Items 1 to 10 of 1103 total

By Jack Suderman 

My mother recently fired up my memory when she handed me a small white pin in the shape of a bow. My great grandmother wore the pin from the 1880s through the period of 'prohibition' here in the United States. If you're like I am, the 'Temperance Movement' is a historical fact, bound to show up on a high school history final. It has been a long time since high school. The pin from my great grandmother peaked my curiosity.

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By Jody Drake 

Back in the days when the railroad was connecting this great country, as a new section of rail was laid, a town would spring up nearby to service the needs of the rail workers. And, of course, the world's oldest profession was generally among those services. When a railroad employee was visiting one of these ladies, he would hang his lantern outside. That way if he was needed, he could be found. Now everyone knows the color of a railroad lantern. And the connection just sort of stuck. So as the pages of history began to turn forward we had 'The Red Light District'.

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By Warren Miller 

In early Prescott the village smithy may not have stood under a spreading Chestnut tree, but his presence was vital to all building and commerce. The blacksmith's hand-forged iron was critically important on the frontier and in Territorial Arizona, where manufactured goods were difficult to obtain and expensive, and often unavailable at any price without the lengthy wait required for orders to travel to and goods be shipped from the manufacturing eastern states. The ability to make iron tools, implements, utensils and hardware, from wagon fittings to door latches to harness fastenings, on the spot and using available materials, aided the advance of civilization. 

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By Pat Atchison 

Memorial Day, or Decoration Day as it was then called, was first widely observed in the United States on May 30, 1868. The original intent was to honor the Union soldiers killed during the Civil War by decorating their gravesites. 

Decoration Day was not mentioned in the local newspaper until May 27,1881. That brief announcement stated, "Next Monday will be Decoration Day, and it is to be generally observed in the States." Tuesday's edition said simply "Yesterday was Decoration Day."

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By Michael Wurtz

Merle Allen, a Prescott resident of seventy-seven years, passed away on March 4, 1997. His business career, beginning in 1920, included a milk depot, a grocery store that grew into three stores, and a wholesale grocery business. Much of the Allen family history, including an oral interview, is documented at the Sharlot Hall Museum Archives and Library. Within the collection is this article that appeared in the Prescott Evening Courier on June 26, 1936.

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By Mona McCroskey 

In 1914, George and Addie Allan moved to Prescott for the health of their son George. They also moved their greenhouse and flower shop business from Princeton, New Jersey, to Prescott. The Allan's purchased the old Sanders ranch in Miller Valley and built their first greenhouse at what is now 350 Whipple Street, in the area known as Allandale.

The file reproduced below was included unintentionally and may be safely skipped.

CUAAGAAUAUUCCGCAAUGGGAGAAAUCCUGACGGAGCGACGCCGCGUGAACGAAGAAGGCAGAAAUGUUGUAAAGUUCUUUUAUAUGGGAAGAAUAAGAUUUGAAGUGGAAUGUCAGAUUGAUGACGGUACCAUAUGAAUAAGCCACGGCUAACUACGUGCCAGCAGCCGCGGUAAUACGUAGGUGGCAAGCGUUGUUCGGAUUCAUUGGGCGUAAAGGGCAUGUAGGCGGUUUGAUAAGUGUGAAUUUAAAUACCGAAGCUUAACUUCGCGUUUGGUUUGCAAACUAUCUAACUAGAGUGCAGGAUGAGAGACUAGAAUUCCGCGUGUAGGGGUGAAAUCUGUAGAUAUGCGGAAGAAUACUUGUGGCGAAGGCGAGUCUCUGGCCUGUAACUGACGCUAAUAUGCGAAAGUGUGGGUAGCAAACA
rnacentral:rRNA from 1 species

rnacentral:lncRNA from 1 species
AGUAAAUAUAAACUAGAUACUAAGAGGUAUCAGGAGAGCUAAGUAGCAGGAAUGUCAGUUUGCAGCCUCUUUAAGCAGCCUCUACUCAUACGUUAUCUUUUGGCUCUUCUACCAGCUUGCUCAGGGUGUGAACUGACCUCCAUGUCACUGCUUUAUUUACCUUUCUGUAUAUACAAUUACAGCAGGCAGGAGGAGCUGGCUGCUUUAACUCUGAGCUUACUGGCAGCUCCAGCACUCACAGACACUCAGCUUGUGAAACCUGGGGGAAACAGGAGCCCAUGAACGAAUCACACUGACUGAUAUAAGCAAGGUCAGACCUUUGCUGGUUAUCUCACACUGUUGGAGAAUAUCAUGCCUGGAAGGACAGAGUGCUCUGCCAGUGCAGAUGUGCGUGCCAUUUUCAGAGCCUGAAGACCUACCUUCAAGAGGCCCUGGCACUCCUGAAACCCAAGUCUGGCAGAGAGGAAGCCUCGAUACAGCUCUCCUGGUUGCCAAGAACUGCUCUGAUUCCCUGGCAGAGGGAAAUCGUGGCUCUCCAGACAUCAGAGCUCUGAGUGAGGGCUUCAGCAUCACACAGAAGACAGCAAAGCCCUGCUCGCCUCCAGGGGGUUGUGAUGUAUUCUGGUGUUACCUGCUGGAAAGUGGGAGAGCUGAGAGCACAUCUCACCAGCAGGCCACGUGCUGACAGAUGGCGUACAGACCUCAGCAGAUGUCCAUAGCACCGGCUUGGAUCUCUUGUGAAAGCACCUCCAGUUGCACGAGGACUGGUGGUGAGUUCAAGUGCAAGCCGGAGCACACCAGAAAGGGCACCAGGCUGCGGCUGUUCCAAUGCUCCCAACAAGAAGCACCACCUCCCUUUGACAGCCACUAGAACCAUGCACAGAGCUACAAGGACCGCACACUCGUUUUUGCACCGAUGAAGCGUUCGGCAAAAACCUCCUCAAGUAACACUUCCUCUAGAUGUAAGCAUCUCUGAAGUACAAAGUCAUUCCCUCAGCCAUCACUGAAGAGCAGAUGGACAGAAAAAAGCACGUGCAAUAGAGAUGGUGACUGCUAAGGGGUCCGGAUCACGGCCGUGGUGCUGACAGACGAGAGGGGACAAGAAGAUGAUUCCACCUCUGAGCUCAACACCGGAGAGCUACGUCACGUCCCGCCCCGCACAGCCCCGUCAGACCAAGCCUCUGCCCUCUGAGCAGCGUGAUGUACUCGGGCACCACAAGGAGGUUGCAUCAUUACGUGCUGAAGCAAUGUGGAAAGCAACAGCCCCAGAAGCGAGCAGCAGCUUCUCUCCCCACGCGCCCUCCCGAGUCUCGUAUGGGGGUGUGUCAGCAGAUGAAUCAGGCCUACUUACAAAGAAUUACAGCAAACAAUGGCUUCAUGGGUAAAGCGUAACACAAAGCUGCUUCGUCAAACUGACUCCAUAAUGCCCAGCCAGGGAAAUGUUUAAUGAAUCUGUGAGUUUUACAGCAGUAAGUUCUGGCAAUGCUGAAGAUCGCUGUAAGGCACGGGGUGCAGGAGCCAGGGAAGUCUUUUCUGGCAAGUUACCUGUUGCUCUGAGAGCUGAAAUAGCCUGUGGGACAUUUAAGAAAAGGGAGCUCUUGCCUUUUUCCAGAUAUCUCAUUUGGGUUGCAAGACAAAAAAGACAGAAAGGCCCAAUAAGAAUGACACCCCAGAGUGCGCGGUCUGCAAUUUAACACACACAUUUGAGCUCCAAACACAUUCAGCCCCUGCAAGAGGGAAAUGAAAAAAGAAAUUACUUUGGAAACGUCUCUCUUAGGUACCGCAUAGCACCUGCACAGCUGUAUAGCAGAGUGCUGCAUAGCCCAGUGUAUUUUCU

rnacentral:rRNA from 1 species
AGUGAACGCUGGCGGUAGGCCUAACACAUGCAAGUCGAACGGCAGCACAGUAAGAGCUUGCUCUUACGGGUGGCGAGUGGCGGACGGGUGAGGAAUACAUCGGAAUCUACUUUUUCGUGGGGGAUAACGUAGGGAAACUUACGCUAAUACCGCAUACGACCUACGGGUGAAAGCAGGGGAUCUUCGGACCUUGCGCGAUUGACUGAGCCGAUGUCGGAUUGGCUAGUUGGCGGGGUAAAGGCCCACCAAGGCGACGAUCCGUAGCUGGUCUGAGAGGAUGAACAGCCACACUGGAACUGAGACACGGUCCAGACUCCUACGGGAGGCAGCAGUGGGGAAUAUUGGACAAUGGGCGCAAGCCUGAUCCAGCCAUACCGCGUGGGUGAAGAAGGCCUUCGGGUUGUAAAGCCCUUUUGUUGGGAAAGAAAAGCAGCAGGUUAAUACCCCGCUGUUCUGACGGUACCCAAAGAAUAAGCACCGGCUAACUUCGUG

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By Sylvia Neely 

In light of the recent closing of Mata Dexter School the Sharlot Hall Museum felt it is appropriate to reiterate who Dexter was and what she meant to the community of Prescott. 

In his book Meeting The Four O'clock Train, Dixon Fagerburg, Jr., recalls his first-grade-teacher, Mata Dexter:

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Submitted by Michael Wurtz

Few events in Prescott's history have so stirred the community as the death of Margaret Hunt McCormick, wife of the Governor. On the 130th anniversary of her death, the Sharlot Hall Museum presents her obituary from the Arizona Miner, May 4, 1867:

"DIED At Prescott, Arizona, on Tuesday April 30, 1867, at 7 p.m., Margaret Griffiths Hunt, daughter of Isaac L. Hunt, Esq., of Rahway, New Jersey, and wife of Hon. Richard C. McCormick, Governor of Arizona. Aged 24. 

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By Elisabeth Ruffner 

National Historic Preservation Week has traditionally been observed the second week in May. Arizona has chosen to designate the entire month of April to recognize and celebrate the state's cultural heritage and the people and places for which the past holds great meaning and significance. The theme this year is "Moving Forward with the Past".

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By Nancy Burgess 

It was 1898 and successful Prescott businessman Henry Brinkmeyer and his wife, Ina Muzik Brinkmeyer, were having a new house built in the 'country', in the Fleury's Addition on West Gurley Street. Mr. and Mrs. Brinkmeyer and their two children, Henry, Jr. and Marcella, had been living at the Brinkmeyer Hotel on North Montezuma Street. This hotel would later burn in the fire of July 14, 1900 and would be rebuilt of brick at the same location. Henry decided that it would be best to build a house with a yard so that the children would have a place to play.

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